Developed by Venable LLP
The ePrivacy Directive (“Directive”), first implemented in 2002, is currently the European Union’s (“EU”) controlling authority on privacy rights applied to electronic communications technology and content. Following the adoption of the General Data Protection Regulation (“GDPR”) in 2016, the European Commission determined that the Directive must be revised to: (1) comply with and particularize the GDPR; and (2) address the technological innovations created since the Directive’s last amendment in 2009. On January 10, 2017, the European Commission released the text of its proposed update to the Directive, a draft regulation titled “Regulation on Privacy and Electronic Communications” (“Regulation”). By proposing a Regulation instead of a Directive, the Regulation would be effective in all EU Member States upon finalization; it would not require separate, county-specific, implementing legislation. The Regulation could impact the manner in which online publishers electronically interact with EU citizens, including possible impacts to how publishers track users, collect data stored in users’ devices, and engage in direct marketing.
Summary of the ePrivacy Regulation
The Regulation is purposefully broad, applying to any provider of electronic communications services (“ECS”) or to any entity that processes electronic communications data.
- ECS includes voice telephony, SMS, email, internet access services, services consisting wholly or in part in the conveyance of signals (e.g., radio), VoIP, messaging services including services where the messaging function is ancillary (such as dating apps or video game services), web based email, connected devices (e.g., Internet of Things devices), and public and semi-private wifi “hotspots.”
- Entities that process electronic communications data now include telecoms, providers of publicly available directories, software providers permitting electronic communications, including the presentation and retrieval of online information, and to natural and legal persons who use ECS to send direct marketing communications or collect information from or stored in end users’ terminal equipment.
- Electronic communications data includes any information regarding content transmitted or exchanged, as well as information concerning the end-user of an ECS processed for the purpose of transmitting, distributing, or enabling the exchange of content, i.e., metadata.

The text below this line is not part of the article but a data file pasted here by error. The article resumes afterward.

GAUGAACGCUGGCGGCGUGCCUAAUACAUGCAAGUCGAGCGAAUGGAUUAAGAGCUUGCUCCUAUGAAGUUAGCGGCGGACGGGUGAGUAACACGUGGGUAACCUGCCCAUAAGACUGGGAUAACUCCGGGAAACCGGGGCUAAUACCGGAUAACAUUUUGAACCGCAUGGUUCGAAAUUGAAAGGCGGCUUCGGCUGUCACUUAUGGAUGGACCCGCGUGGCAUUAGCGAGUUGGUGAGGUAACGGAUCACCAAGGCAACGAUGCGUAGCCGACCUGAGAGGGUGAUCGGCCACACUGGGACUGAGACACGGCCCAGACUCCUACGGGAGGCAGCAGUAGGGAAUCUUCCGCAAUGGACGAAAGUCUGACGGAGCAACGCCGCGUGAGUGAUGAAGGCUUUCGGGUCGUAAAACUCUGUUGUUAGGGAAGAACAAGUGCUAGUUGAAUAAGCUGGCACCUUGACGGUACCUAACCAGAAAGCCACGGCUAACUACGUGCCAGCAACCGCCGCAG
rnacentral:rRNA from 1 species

The Regulation applies to data processed in connection with ECS in the EU, regardless of whether the data is processed in the EU or elsewhere. It also applies to data associated with electronic communications sent from outside the EU to users in the EU.
I. Internet Communications
Electronic communications data is considered confidential under the Regulation. The Regulation prohibits a third party from interfering with data, including the storing, monitoring, or processing of the data, unless permitted under Regulation provisions or if the user consents.
The Regulation follows the consent provisions of the GDPR by requiring a clear, affirmative action, but provides additional, expanded provisions for obtaining consent to place cookies or other tracking technologies on users. Unlike the current Directive which requires users to provide consent for cookies and similar technologies on each website the user visits, the Regulation proposes that users provide consent through browser settings, acknowledging that users are currently “overloaded” with requests to provide consent. The Regulation states that the browser should provide users with a range of privacy settings, from higher settings, rejecting all cookies, to lower settings, accepting all cookies. The Regulation provides that browsers must obtain a clear, affirmative action from the user to obtain consent, and should remind users of their ability to alter privacy settings at any time. The Regulation also notes that software providers that allow electronic communications should inform users on privacy settings at the time of installation and require that users consent in order to continue with the installation.